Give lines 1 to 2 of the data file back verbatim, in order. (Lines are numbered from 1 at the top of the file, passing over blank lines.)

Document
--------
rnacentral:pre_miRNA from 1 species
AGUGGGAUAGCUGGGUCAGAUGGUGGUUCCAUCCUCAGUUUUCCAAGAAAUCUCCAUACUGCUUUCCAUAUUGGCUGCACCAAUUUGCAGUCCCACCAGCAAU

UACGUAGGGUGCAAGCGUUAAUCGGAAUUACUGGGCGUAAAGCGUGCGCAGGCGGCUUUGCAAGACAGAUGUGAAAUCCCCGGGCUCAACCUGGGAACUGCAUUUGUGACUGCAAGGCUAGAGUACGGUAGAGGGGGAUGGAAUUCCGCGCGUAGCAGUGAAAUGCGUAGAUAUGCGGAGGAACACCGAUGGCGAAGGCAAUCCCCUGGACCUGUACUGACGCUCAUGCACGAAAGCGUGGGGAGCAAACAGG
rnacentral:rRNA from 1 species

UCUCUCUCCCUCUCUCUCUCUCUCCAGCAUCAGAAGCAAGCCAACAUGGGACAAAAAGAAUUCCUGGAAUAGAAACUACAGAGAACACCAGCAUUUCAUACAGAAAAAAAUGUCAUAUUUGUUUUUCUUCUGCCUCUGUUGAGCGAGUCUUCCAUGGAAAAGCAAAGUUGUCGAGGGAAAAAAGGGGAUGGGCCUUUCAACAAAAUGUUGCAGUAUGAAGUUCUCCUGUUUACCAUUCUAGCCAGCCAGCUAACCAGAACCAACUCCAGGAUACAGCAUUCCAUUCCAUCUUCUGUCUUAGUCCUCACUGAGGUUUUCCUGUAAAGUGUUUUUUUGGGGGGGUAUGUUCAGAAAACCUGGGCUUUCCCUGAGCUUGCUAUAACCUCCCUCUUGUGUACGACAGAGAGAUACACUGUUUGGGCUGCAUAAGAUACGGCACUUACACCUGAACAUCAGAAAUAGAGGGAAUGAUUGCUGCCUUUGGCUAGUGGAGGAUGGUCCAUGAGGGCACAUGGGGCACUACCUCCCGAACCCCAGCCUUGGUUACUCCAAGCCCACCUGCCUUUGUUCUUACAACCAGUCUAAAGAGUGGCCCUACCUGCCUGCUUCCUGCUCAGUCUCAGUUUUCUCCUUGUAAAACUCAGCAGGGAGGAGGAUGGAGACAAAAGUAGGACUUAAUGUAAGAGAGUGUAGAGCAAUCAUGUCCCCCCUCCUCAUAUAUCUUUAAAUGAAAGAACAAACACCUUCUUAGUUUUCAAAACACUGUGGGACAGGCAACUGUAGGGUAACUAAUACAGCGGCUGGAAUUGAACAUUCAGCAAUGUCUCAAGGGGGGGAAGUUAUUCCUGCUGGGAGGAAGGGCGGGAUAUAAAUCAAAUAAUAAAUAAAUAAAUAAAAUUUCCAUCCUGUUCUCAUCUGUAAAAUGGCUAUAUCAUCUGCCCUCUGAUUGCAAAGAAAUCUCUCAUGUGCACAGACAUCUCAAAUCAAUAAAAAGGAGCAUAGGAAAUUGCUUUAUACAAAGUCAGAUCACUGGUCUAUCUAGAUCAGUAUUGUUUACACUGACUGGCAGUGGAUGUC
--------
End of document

rnacentral:pre_miRNA from 1 species
AGUGGGAUAGCUGGGUCAGAUGGUGGUUCCAUCCUCAGUUUUCCAAGAAAUCUCCAUACUGCUUUCCAUAUUGGCUGCACCAAUUUGCAGUCCCACCAGCAAU